The version of Tokyo Milton is now witness to is nothing like what he saw in his favorite cartoons and comics. While he has seen brief flashes of the futuristic and techonogically advanced Japan seen in the media, he has not experienced the side of Japan COOL that pop culture circuits have been promoting back in home. Instead Tokyo is a bustling and surprisingly quiet megaopolis where salarymen are seen more often than cosplayers, and no one seems to have read the Peepo Choo manga. What's more, those who do read comics, and they come from every age group and demographic there, are reading comics about sports heroes, office employess, wine tasters and politicians instead of ninjas and giant robots.
How could this Japan also be the same Japan that has talking toilets? "And how can a country of freedom and independence built by immigrants be so racist and sexist," says Milton's new Japanese acquaintence Reiko. She grew up loving the concept of America. In her mind it was nothing like the patronist society that is modern day Japan. However, whenever she would meet Americans in Tokyo or chat with them online, all she got was abuse. Women would treat her coldly; men would immediately hit on her. In a way the people of America are worse than the Japanese, as they are more open with their rude behavior.
Somewhere between these two young people there is a commonanlity of culture clash. And it is that which will bring the two together in a mutual understanding of each other's culture and one another.
About the Author
Felipe Smith was born in 1978 in Ohio. Raised in Buenos Aires, Argentina, Felipe comes from the most unlikely of backgrounds for a manga artist published in Japan. Educated in an international school, while other kids where playing soccer and basketball, Felipe was considered the school's artist.
Upon moving to the US for college, Felipe studied at Chicago's Institute for the Arts where he was exposed to a number of art styles and forms of visual animation. Influenced early by the hyper-real designs found in Heavy Metal and later on by cartoon styles found in Japanese animation, Felipe's art style is a unique blend of East and West that is destinctively Felipe. Felipe work has been published by IMAGE and TokyoPop; with his first serialized comic MBQ receiving critical acclaim.
Felipe went on to win a number of comic awards, eventually earning him international attention. Now working in Tokyo, Felipe is currently drawing his culture clash-romance for Japan's largest publisher Kodansha in their experiemental comic anthology magazine Morning Two.
"Now that Smith is producing works for a Japanese audience under the editorial guidelines of Kodansha--doing what Paul Pope in the 1990s ultimately could not do--it's going to be fascinating to see how his already amazing talents change and grow."--Jason Thompson, ComiXology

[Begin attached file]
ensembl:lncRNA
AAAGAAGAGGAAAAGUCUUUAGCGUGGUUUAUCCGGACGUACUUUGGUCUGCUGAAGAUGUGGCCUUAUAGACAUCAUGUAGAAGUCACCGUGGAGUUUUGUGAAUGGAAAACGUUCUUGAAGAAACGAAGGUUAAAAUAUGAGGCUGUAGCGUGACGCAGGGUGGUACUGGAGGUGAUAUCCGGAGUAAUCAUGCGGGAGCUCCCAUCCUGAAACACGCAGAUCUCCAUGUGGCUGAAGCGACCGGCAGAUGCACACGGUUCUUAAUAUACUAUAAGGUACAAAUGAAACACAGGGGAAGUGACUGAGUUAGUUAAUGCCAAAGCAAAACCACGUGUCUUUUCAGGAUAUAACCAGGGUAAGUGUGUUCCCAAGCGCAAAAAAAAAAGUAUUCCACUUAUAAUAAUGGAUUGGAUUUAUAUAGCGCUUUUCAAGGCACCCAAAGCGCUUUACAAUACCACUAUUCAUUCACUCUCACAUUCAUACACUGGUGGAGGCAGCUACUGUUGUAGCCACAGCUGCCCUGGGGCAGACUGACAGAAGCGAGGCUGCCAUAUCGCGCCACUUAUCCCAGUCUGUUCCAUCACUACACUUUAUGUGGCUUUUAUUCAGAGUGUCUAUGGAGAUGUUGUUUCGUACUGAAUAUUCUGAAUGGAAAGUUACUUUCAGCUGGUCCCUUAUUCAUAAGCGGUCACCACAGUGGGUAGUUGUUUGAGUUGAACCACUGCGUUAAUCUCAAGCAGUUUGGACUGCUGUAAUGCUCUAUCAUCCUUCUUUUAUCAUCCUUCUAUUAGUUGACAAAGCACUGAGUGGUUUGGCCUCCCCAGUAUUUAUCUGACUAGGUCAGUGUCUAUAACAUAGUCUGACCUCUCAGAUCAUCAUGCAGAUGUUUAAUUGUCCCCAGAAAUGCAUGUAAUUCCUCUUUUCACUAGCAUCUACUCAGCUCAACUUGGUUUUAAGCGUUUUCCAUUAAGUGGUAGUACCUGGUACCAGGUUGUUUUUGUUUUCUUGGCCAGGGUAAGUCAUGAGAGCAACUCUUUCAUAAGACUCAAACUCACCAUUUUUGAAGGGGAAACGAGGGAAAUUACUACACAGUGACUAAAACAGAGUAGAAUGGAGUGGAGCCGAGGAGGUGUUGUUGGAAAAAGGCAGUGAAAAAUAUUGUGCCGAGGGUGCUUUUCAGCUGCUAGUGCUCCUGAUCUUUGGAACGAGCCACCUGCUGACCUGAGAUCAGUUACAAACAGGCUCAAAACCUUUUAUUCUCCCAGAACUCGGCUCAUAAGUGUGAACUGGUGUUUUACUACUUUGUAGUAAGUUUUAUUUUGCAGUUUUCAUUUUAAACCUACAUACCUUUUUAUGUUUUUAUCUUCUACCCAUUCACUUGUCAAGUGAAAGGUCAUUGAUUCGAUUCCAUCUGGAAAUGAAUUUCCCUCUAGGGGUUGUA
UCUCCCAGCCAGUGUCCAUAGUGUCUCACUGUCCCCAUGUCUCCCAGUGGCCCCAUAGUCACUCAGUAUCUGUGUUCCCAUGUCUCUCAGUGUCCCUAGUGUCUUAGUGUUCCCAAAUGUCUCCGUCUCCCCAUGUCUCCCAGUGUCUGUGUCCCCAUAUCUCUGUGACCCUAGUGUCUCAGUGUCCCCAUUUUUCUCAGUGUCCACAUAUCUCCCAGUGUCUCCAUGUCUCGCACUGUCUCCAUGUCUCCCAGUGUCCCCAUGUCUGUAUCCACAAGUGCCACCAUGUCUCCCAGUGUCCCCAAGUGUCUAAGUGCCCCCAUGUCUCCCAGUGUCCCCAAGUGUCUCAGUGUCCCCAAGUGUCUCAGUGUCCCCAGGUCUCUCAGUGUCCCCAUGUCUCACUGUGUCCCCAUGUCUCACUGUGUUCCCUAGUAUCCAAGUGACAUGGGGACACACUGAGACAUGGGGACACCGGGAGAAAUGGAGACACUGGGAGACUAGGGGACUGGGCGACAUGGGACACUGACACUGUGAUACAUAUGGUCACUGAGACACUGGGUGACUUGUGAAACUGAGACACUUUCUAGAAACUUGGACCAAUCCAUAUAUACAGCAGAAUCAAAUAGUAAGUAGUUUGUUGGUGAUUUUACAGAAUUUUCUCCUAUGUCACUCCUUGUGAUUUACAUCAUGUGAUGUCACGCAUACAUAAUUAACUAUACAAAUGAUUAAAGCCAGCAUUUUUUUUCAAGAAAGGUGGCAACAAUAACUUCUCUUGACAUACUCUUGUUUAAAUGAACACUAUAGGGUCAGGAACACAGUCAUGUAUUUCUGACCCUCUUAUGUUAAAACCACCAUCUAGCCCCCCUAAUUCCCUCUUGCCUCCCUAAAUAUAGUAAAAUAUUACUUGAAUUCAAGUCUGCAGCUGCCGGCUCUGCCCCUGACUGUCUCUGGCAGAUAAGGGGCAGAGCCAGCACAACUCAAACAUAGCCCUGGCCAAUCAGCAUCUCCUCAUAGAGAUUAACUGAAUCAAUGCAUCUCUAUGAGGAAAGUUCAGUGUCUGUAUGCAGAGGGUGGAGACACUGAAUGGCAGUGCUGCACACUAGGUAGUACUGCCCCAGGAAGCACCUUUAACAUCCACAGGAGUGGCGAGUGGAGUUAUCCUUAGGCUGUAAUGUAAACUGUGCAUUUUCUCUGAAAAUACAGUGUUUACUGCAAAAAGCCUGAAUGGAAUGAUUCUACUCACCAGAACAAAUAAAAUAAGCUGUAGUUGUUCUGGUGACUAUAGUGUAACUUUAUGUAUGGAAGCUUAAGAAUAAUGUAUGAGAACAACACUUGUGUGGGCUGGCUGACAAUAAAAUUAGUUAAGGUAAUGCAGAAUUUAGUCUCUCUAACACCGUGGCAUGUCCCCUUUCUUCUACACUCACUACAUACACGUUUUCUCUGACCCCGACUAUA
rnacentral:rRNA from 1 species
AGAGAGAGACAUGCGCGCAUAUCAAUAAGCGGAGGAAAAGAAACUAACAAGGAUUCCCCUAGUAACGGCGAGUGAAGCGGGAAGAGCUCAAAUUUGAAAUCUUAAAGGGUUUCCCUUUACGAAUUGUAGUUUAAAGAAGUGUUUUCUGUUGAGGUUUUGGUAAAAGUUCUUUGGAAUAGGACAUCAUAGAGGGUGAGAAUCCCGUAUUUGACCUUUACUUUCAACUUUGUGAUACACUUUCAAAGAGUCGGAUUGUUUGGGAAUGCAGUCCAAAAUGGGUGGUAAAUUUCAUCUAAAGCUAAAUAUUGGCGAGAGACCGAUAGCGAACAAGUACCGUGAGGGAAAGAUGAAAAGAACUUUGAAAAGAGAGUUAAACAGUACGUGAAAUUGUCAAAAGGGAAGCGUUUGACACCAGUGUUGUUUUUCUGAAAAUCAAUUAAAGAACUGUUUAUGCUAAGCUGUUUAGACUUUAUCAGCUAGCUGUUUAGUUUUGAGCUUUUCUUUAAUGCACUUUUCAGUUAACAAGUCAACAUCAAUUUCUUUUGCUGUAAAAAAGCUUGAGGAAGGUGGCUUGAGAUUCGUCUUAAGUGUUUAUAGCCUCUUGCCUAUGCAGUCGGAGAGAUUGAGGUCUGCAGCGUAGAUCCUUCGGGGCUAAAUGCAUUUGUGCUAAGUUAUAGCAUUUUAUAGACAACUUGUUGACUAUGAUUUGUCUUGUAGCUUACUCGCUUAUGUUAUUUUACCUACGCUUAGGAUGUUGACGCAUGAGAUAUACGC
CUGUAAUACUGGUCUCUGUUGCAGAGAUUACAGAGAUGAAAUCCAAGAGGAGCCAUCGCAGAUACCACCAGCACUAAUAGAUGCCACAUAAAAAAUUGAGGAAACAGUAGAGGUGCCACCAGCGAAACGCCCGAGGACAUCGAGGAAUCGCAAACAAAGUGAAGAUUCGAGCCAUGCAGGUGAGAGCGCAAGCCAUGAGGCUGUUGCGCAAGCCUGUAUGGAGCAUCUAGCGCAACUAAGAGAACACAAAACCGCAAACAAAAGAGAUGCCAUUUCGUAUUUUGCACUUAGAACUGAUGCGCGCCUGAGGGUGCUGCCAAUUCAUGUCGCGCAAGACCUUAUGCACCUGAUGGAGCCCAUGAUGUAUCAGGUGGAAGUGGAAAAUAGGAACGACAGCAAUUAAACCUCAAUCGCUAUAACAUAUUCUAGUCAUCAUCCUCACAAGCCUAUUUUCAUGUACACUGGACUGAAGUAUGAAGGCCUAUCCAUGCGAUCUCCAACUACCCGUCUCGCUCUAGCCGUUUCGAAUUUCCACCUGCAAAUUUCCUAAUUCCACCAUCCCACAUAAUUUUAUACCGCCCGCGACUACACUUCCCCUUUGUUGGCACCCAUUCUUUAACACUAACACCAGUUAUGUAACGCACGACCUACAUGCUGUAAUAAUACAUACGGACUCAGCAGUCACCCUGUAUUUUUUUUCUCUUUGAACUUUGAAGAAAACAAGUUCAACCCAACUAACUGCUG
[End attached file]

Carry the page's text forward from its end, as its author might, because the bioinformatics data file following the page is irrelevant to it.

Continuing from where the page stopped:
“I get the sense that, if he couldn’t draw, Felipe Smith would like to make a living repeatedly punching people in the face, pausing only long enough to make sure they got the joke. Fortunately for us, he can draw—he draws like a damn demon, that one. His art is an assault, seemingly stripped of subtlety. It is full-bore satire, and he wields it like a machete… Don’t get me wrong, this isn’t ‘merely’ satire. Smith does care about one thing—his story and his characters. Especially his characters. He loves them even as he lampoons them. 9.5/10” —Comics Village
“Smith creates characters so expressive you can feel their pain. See the amusement, disgust. He has a versatility that allows him to portray drop-dead serious (even grisly at times) moments, and then segue to light-hearted, deranged innocence. If he has a parallel I can’t quite figure it out.” —The Comic Panel
“There’s a glint in its eyes as it launches one charged, cartooned image after another... Smith’s work doesn’t need much comparison to Japanese or American comic book traditions because he has an understanding of how comics work that allows him to tell stories in his own way... No one comes out looking well, but geeks come in for an especially brutal brow-beating in this savage aversion therapy, with their fantasies warped into hairy, misproportioned sexualized images.” —Ain’t It Cool News
“There’s a terrible sameness to a lot of manga... Felipe Smith brings to it a unique vision, his raw, intentionally ugly art perfect for a culture clash comedy of extreme bad manners. It amply demonstrates how loving another country’s culture isn’t the same as actually understanding it.” —ICv2
“Peepo Choo is one of the smartest, cruelest, most original works I’ve read in ages. Thanks to Kodansha for recognizing genius when they saw it, and Vertical for knowing when to take a gamble.” —Erica Friedman, The Manga Critic
“A mere plot summary does nothing to convey the gleefully mean-spirited anarchy of Peepo Choo. Smith’s opus overflows with violence, sex, cruelty, and general bad taste, all drawn in a rubbery, cartoony style and presented with relentless manic delight... I have yet to meet a person who’s worked in the anime and manga industry who doesn’t love it.” —Shaenon Garrity, Author of Skin Horse and guest writer for About.com
“I was entertained by this comic; it’s got energy, the gross parts can get really funny, and its extravagant accumulation of mean doodles representing hapless international / interpersonal misunderstandings eventually forms a pleasingly nightmarish vision of all-out war among insular cliques absolutely certain they’ve got the world all figured out.” —Joe McCulloch, Comics Comics